The Marine Conservation Society works to conserve the marine environment and its wildlife.
Total income: £806,000 for the year ending 31 March 2005, up from £743,000 in 2004.
Highest salary: No employee earned more than £60,000.
Reserves policy: The charity aims to hold general reserves to cover six months' operating costs. At the end of the last financial year, general funds stood at £624,000, equivalent to about 11 months' spending.
Fundraising costs: The charity raised £285,000 in voluntary income and its fundraising costs were £83,000, giving it a fundraising ratio of 29p in the pound. The previous year, the ratio was 47 per cent.
How performance is communicated: The annual report gives a lot of detail on the charity's activities, including useful statistics and examples of campaign successes.
The MCS is a relatively small charity, so its annual review is only four pages long. But it does provide a good overview of its work during the year and its main areas of activity. There is a separate policy and strategy report on the charity's long-term aims, although these are not specifically reported in the annual report or review.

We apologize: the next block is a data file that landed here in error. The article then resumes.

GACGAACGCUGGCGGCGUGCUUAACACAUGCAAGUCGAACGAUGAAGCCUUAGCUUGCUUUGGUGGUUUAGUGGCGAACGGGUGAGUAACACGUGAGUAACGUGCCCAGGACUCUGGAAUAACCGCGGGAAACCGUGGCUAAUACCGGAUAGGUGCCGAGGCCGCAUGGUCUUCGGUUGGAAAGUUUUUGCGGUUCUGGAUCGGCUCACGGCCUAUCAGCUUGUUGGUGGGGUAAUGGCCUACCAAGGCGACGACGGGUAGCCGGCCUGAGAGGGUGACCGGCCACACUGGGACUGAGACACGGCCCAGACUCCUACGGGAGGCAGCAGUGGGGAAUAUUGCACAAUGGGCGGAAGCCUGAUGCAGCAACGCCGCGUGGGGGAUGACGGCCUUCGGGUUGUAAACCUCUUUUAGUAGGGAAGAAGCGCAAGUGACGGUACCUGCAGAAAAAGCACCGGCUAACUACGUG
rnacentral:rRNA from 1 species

The charity's website, www.mcsuk. org, is informative, but the publications are not available online.
The charity says: "Voluntary income was up significantly compared with the previous year, partly thanks to an increased legacy income. Part of this money was used to extend conservation programmes in the year, such as the Marine Planning programme and Adopt-a-Beach.
"We continued to push the marine protection agenda forward, and marine issues have continued to gain the attention they deserve from government, the media and the public."